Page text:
Where is the fuse located.
There is usually a 125V, 20 AMP line fuse inside most microwave ovens. It will be mounted somewhere at the point where the power cord enters the back of the unit, in line with the power cord, or on a small circuit card called a line filter. Unfortunately, you will need to uninstall the oven (if this is an over the range model), UNPLUG it and remove the exterior case to access. The case comes off in various ways depending on manufacturer and model. Parts are available at any of the following websites:
The first three sites include illustrated parts listings that can help you locate and properly identify any parts you may need. The microwave oven may also equipped with various thermostats that (if blown) can cause similar symptoms to that of a blown line fuse. So, if the line fuse is NOT blown, you may want to check all the thermostats to see if they are still good. You will need to remove each one and measure across the terminals with a multimeter. A good reading is 0 ohms. NOTE: The thermostats typically will trip if the oven cavity has been overheated. Cooking items that are high heat producers such as popcorn or baked potatoes in rapid succession can often cause this problem. Allowing the oven cavity to cool a few minutes with the door open between cooking can prevent this from occurring.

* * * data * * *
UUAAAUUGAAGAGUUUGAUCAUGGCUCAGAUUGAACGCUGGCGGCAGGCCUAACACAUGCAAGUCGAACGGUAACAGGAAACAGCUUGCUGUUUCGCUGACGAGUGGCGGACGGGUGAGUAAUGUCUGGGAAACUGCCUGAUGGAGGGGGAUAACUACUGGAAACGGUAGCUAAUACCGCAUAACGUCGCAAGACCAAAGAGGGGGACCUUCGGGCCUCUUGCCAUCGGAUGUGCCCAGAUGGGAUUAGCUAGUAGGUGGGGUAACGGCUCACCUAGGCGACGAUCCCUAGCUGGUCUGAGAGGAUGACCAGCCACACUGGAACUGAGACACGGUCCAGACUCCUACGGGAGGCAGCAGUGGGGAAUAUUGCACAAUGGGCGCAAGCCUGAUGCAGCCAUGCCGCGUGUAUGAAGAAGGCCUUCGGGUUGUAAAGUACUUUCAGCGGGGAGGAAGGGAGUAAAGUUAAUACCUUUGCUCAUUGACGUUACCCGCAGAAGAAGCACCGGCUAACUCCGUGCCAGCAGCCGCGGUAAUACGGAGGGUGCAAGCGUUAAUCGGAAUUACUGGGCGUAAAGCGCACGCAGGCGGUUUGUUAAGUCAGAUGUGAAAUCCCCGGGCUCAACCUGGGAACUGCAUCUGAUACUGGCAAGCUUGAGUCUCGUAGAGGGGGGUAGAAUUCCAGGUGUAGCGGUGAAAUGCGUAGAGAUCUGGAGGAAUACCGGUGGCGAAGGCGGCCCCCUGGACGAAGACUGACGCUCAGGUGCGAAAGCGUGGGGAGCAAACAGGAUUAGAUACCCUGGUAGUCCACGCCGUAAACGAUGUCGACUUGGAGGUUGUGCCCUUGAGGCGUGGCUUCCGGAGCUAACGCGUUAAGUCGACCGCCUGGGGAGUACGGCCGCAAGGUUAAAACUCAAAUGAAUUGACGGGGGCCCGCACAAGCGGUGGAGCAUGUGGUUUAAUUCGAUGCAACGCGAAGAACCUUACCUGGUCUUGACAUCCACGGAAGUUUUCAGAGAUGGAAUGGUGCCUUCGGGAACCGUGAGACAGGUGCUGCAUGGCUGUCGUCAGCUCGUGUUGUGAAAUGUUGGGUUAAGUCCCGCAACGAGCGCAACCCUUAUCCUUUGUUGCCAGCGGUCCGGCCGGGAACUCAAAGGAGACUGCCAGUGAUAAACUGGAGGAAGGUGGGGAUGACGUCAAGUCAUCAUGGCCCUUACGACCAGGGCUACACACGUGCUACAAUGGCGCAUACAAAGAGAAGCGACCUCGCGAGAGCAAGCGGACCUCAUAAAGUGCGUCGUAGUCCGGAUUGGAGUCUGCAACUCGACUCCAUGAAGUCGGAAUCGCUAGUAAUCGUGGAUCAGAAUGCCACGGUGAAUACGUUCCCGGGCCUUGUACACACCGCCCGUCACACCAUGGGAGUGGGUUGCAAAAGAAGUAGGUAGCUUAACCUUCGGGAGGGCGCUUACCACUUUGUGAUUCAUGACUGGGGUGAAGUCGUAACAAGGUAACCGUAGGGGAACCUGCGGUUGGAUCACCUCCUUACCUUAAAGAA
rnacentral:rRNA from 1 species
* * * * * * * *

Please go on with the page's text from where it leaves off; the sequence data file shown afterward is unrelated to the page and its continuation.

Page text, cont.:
If the line fuse is blown, you can usually purchase a box of fuses at a hardware store for just a little more than what the manufacturer charges for a single fuse. 125V, 20AMP Ceramic Slow Blow fuses are recommended.
If you have any questions, or need additional assistance troubleshooting, please post back and let me know. I hope you find this information helpful.
NOTE: Make sure you take any resistance readings with the microwave UNPLUGGED and the component under test isolated (removed) from the circuit. These ovens can still blow a fuse by simply sitting idle. This can occur from any power fluctuations, brown outs, voltage spikes, etc. Or, it could be the symptom of a component that may have failed. If you find the internal fuse blown and replace it, only to have it blow again, you have a more significant problem than a simple blown fuse.
on May 31, 2011